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Missing benefits and harms data stops appropriate ‘deviation’ from GP guidelines

Current guidelines for chronic heart disease and type two diabetes do not provide enough information on the benefits and harms of treatment to enable doctors to make decisions for individual patients, researchers have concluded.

A lack of detail on ‘absolute effect sizes’ of recommended medicines is stopping doctors from deviating from the guidelines where appropriate, the German researchers said.

Analysis of a range of guidance from English and German-speaking countries, including the UK, found 75% of the total 144 recommendations on pharmacotherapy had no data on absolute effect sizes for benefit or harm.

Some guidelines did include this type of information – with 22% of individual drug recommendations having one or more average effect sizes for either benefit or harm.

However only a tiny number – three recommendations – featured details about effect sizes that were easy to find, the study showed.

The 13 guidelines reviewed as part of the study included the third Joint British Societies guidelines on cardiovascular disease and the most recent NICE recommendations on management of type 2 diabetes – both of which were found to contain no detail on effect sizes for any of the drug treatments included.

Writing in the Journal of Evidence in Clinical Practice, the researchers from the Institute of General Practice in Erlangen concluded: ‘Current clinical practice guidelines on type 2 diabetes and and chronic coronary heart disease do not sufficiently offer best estimates of absolute effect sizes for benefits and harms.

‘This makes it difficult for physicians to deviate from their recommendations where this is appropriate and to discuss with their patients whether a treatment option meets their individual goals and preferences.’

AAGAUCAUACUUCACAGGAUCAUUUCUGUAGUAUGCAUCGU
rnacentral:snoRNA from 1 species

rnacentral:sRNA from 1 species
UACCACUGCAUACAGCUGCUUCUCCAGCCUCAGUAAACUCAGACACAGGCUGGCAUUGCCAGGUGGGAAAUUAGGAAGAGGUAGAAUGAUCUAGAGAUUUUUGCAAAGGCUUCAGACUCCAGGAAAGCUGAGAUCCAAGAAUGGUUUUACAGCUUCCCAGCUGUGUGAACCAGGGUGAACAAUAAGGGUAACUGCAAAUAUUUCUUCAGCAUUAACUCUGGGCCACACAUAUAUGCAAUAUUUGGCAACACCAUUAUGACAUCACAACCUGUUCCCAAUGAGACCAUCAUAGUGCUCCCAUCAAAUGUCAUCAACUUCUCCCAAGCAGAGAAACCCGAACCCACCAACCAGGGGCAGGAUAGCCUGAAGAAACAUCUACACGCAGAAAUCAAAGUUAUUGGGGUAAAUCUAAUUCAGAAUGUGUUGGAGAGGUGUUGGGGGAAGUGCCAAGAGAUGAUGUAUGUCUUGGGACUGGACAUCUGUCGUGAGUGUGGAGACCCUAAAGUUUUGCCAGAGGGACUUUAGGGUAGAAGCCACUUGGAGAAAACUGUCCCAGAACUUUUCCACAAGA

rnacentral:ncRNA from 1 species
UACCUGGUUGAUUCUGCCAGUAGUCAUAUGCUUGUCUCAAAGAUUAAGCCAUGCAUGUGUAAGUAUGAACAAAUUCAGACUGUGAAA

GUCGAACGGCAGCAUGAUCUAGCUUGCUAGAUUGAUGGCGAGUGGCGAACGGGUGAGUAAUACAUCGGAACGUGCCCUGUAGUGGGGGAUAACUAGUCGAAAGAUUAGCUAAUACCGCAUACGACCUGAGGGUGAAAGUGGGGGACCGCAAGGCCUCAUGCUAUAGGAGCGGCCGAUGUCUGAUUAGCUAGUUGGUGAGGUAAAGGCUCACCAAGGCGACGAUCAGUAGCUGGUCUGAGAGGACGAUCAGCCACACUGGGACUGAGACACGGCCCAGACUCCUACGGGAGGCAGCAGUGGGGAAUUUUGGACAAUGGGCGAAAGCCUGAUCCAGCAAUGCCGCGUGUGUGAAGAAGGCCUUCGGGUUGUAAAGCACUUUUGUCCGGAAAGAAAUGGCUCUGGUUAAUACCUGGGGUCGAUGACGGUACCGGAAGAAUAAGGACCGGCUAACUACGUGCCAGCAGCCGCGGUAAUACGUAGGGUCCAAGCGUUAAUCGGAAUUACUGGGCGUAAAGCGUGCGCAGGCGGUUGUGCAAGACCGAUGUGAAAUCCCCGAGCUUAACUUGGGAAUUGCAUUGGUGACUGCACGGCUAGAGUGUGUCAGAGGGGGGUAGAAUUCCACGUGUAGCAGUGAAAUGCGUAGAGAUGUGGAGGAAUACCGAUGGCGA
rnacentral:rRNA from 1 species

The team called on guideline committees to change from their rigid approach to offering ‘supportive decision aids’.

Dr Samuel Finnikin a GP in Sutton Coldfield and research fellow at the University of Birmingham who has previously worked on a NICE collaborative for shared decision making, said it was a critical issue, of which the guideline body was aware.

He said: ‘One of the key aspects of shared decision making, which should be the default method of medical decision making in my opinion, is a discussion about the pros and cons of all the options.

‘If the evidence is out there that helps us quantify the benefits then they are really crucial bits of information for helping doctors and patients make decisions.

‘It is not simply ok for guidelines to make recommendations without including some information about why that is the recommendation – including effect size, the strength of the evidence and the degree of certainty.’

Dr Margaret McCartney, a GP in Glasgow and vocal champion of evidence-based medicine, said effect sizes were essential pieces of information.

She said: ‘Guidelines can be useful – but only if there is enough nuance and detail to help make individualised and careful decisions rather than subjecting patients to an industrial tick-box exercise.’

Earlier this year the NHS unveiled a £9m programme to identify patients on GP lists at risk of a stroke because they are not on recommended medication for atrial fibrillation. 

The programme was part of the NHS long-term plan’s goal to prevent more than 150,000 heart attacks, strokes and dementia cases over the next 10 years.